By John Collins Rudolf
Woody Tasch says we need to put the brakes on our investment portfolios. Don't worry, though: He still has a way for us to make money.Money-not the paper stuff in your wallet,
but the bits of data that whip around the world in billions of instantaneous transactions each day-moves too fast. So argues Edward "Woody" Tasch, a venture capitalist with a seemingly anticapitalistic ambition: to put the brakes on our money, bring it closer to home, and elevate sustainability over profits and growth.For Tasch, it's a goal more than 20 years in the making. In 1989, he founded one of the nation's first venture capital funds with a conscience, but it failed to attract the $25 million in investment for which he had aimed. Later came Investors' Circle, a network of about 150 venture capitalists, angel investors, and foundations that launched in 1992; as chairman, Tasch orchestrated the distribution of more than $130 million to hundreds of sustainable business start-ups.All this was a mere prelude for Tasch, who resigned from Investors' Circle a year ago to head the Slow Money Alliance, a nonprofit that hopes to do for capitalism what the Slow Food movement has done for food and agriculture. Over the next several years, he aims to raise between $50 million and $100 million in seed capital from individuals and foundations for a series of venture funds around the country, which will in turn finance thousands of sustainable local farming businesses."What we have to do is very simple," says Tasch. "We have to take some of our money and invest it close to home in local food systems."
A few years ago, with the stock market soaring, and hedge funds minting new fortunes overnight, such a proposition might have drawn snickers from the investing class-just another loopy idea from the hippie fringe.Yet the recent financial meltdown should cause skeptics to be a little more open-minded. Fast money-epitomized by reckless speculation in exotic derivatives, and the slicing and dicing of trillions of dollars into now nearly worthless subprime mortgage-backed securities-almost destroyed the world financial system last fall. Lightning-fast trades at the peak of the crisis shredded 401(k) accounts like confetti, while leaving rampant unemployment and record foreclosures that continue to linger like a bad hangover.Disgust with Wall Street may be at an all-time high, so it's not surprising Tasch's ideas have already struck a nerve. Since the Slow Money Alliance launched early this fall, it has attracted 130 founding members who have invested anywhere from $1,000 to $50,000 (membership now is available for dues ranging from $25 to $1,000). Several thousand more, including big names in the organic food business like the CEO of Organic Valley and the founder of Odwalla, have signed a set of "Slow Money Principles" circulating online. The principles highlight the basics of Tasch's philosophy: that money moves too quickly; that investments in local food can connect us with where we live; and that it's important to support a new generation of entrepreneurs. The Slow Money Alliance is also planning a social media strategy for early 2010, which they hope will bring the concept of Slow Money to a much wider audience."It hasn't gone viral yet," says Tasch. But he's just getting started.Tasch outlines his vision of sustainable investing in his recent book Inquiries into the Nature of Slow Money: Investing as if Food, Farms, and Fertility Mattered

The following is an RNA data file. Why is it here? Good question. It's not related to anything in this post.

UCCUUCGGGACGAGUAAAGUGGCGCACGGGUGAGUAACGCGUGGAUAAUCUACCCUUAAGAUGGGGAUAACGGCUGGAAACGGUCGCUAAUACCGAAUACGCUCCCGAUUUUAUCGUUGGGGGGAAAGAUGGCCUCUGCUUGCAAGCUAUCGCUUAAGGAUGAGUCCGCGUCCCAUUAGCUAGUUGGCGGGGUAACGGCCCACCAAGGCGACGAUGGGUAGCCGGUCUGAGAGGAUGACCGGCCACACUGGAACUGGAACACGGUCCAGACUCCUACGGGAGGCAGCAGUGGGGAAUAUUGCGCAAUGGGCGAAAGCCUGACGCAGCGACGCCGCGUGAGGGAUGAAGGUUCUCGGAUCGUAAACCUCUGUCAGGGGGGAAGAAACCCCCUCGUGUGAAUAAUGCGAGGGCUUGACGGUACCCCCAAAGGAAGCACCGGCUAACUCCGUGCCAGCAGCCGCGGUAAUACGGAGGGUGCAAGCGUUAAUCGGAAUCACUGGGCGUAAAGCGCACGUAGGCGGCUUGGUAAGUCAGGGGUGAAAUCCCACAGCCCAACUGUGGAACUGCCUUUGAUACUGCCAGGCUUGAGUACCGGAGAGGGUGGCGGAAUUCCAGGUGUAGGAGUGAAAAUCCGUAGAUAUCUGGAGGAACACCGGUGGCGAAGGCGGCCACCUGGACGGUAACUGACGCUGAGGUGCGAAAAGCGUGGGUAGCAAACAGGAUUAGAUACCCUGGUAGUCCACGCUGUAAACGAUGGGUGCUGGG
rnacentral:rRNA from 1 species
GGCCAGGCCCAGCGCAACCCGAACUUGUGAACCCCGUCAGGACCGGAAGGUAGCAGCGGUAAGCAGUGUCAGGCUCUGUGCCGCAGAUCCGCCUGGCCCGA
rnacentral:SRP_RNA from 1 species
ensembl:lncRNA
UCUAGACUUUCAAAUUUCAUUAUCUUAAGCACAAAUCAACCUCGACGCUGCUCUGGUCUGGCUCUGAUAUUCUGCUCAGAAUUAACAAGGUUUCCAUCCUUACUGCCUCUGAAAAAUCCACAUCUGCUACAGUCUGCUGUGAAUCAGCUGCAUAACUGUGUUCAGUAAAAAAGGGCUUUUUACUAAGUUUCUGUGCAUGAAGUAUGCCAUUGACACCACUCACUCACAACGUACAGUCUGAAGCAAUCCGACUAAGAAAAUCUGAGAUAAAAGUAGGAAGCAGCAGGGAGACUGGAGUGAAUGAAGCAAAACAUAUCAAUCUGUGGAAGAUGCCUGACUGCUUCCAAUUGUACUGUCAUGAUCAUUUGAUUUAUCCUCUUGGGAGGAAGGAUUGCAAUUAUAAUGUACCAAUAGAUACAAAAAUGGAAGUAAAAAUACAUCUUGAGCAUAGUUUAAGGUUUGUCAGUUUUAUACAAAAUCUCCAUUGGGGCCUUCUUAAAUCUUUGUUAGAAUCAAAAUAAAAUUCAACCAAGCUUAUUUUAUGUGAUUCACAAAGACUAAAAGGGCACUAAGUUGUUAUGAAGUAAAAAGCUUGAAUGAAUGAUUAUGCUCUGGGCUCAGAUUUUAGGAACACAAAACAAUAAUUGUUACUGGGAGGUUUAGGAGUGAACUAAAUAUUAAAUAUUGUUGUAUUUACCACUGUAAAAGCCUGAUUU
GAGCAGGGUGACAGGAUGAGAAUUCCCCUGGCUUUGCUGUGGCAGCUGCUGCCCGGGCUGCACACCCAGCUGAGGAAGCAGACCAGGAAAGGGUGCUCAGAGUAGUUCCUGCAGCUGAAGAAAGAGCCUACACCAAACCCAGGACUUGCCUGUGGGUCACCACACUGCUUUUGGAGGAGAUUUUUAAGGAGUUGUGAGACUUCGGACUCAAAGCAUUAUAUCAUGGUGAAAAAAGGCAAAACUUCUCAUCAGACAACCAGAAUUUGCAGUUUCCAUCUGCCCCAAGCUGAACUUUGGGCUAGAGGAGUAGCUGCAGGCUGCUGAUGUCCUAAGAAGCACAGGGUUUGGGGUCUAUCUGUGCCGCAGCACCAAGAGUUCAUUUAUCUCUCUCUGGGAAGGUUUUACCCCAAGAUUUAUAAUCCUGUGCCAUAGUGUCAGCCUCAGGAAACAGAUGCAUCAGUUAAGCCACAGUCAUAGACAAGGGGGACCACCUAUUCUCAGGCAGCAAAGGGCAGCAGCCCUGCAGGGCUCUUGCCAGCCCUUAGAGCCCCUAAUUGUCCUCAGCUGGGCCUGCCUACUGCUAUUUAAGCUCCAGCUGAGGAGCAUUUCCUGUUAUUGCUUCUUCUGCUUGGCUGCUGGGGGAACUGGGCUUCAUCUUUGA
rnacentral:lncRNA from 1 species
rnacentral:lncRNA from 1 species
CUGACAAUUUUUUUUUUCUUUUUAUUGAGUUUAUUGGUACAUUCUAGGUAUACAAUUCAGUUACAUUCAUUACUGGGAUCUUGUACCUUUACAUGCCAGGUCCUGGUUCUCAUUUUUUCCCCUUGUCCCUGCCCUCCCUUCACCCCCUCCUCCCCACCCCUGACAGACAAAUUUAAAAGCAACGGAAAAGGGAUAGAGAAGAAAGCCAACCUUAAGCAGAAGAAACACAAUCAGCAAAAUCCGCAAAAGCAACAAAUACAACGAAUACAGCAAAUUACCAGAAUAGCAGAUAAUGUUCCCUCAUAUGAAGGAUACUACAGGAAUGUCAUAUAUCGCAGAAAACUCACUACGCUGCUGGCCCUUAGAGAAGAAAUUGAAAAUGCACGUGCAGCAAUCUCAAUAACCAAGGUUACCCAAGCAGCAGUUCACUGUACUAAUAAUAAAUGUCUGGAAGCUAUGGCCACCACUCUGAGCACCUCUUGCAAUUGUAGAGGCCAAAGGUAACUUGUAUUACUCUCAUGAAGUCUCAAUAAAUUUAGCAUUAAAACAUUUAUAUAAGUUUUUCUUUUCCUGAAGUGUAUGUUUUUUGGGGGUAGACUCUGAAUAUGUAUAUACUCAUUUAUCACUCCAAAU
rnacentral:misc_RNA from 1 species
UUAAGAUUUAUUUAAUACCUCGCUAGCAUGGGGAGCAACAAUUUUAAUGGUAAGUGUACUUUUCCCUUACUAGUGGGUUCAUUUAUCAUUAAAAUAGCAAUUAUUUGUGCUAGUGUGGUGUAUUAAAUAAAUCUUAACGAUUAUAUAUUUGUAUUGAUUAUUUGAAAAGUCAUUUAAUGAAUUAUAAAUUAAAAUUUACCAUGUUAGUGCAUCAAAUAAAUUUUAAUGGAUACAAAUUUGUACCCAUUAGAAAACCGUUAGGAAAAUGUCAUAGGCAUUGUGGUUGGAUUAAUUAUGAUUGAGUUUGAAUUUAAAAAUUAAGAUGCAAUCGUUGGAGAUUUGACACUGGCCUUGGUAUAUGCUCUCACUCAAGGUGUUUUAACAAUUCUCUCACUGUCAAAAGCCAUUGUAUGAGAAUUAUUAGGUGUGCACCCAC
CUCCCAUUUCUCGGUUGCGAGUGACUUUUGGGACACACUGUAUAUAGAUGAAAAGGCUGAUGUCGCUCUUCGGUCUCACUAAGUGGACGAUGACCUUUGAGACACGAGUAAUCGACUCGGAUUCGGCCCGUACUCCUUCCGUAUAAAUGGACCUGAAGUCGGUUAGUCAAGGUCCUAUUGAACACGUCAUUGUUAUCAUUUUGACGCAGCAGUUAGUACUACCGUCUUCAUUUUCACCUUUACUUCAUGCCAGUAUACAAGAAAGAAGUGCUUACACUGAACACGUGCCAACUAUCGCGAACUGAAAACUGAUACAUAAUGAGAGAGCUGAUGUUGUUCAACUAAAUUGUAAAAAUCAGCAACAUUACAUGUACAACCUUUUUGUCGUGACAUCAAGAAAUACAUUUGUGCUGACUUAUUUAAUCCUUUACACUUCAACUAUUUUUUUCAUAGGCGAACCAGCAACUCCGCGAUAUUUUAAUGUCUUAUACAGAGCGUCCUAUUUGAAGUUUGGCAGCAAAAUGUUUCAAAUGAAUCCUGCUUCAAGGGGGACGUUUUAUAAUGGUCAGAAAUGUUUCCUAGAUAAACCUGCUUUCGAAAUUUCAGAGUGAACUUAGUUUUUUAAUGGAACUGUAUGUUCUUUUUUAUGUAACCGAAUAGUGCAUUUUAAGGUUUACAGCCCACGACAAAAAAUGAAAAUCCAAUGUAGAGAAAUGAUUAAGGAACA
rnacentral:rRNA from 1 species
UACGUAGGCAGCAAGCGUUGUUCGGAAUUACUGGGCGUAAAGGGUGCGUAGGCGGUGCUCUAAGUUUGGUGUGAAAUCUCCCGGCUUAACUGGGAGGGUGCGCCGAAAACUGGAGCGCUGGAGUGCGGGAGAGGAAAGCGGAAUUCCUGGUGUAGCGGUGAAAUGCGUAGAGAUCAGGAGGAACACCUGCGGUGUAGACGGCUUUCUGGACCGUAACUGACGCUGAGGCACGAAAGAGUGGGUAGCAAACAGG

. In it, he calls not for a speed limit on the flow of global capital (as if Wall Street would ever allow such a thing), but for investors with a conscience to steer a portion of their money into local sustainable farming. This isn't just philanthropy. Done right, Tasch's theory is that this strategy will earn steady income for investors without selling out the planet.
Tasch's years in venture capital convinced him that simply reforming the existing financial system wasn't enough; what was needed was a completely new paradigm of investing-a Slow Money revolution.Most conventional investing, he found, underwrites precisely the type of unbridled growth that is putting ecosystems and the global climate in danger of collapse."If your money is in the stock market, 50 percent of it is going up a smokestack in China," he says. "That is what is keeping our portfolios afloat." Even many investment funds that bill themselves as socially responsible, he contends, continue to finance a system of production and consumption that is undermining the environment and our communities. "They're not sufficient," he says.
We have to take some of our money and invest it close to home in local food systems.